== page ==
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The return of nobility - thanks to coronavirus

Blog | By Susan Hamlyn | Apr 22, 2020


Do you remember Oswald Bastable? He wanted – with the aid of his five siblings – to restore the lost fortunes – and the honour - of The House of Bastable. Oswald is the narrator and, he would modestly deny, hero of E. Nesbit’s The Story of the Treasure Seekers (1899), in case the name is familiar but its provenance escapes you.

I recently re-read the book for the first time in nearly sixty years. It was one of the chief repeat-reads of my pre-teen years but now I marvelled at its lost world. It was, of course, well lost by the time I read the book in the early 1960s, with its servants (a “general” even in the impoverished Bastable household) guineas and inherent class differences in every nuance (fascinating to recall that Nesbit was a co-founder of The Fabians). It, also of course, has touches of what we would now excoriate as racism in that a man called Rosenbaum was “very kind” but when one of the children suggests inviting him to dinner “everyone laughed” and the brown-skinned “Indian gentleman” must, of course, be of the Red kind and very poor.

Oswald believes in heroism, in courage and, perhaps most of all, in nobleness. The word noble or nobleness appears fourteen times in the book including in a chapter heading: “The Nobleness of Oswald”. Honour or honorable appear eighteen times, pluck or plucky five times and, as tellingly, shame or ashamed seven.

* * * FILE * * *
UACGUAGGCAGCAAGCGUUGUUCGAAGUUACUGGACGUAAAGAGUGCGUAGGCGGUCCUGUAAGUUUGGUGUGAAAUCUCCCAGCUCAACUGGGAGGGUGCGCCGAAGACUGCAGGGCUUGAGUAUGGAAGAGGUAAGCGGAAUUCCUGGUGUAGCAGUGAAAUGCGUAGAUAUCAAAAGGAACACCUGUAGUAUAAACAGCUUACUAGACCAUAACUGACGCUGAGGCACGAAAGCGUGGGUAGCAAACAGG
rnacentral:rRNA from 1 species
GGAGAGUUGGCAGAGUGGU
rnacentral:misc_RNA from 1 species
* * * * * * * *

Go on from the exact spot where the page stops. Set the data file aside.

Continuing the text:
Oswald dreams of rescuing the Prince of Wales from “deadly peril” whereupon the Prince would cry: “My noble, my cherished preserver!” And later, when he, as a matter of honour, returns some unmissed money, his brother Noel, the family poet, writes of him as “the noble youth of high degree”. “Honour bright” is the reassuring family motto.

What have we done with these words – and with the principles of personal morality implicit in them? It is hard now to note without irony that their principal use in our day is in Parliament where most MPs are routinely referred to as “the Honourable Member for...” and, in the upper House, peers refer to each other as "my Noble friend" and "the Noble lady” and so on.

But do we have a use today for these terms as more than standard formal phrases or are they now faintly embarrassing?

World War One probably exploded the actual words – as it did so much else – while, of course, providing searing and plentiful examples of the concepts they enshrine. The cynicism of the nineteen twenties and the depression and growing horror of the nineteen thirties finished the job. But current experience is giving us countless examples of exactly what these words meant – self-sacrifice, generosity of spirit without regard to personal safety, genuine heroism without thought of reward and a determination to attribute one’s action to the team of which one is a part.

I would suggest that it is time to revive these words honour and nobleness and, maybe even pluck and allow ourselves to acknowledge, without irony, the values they celebrate.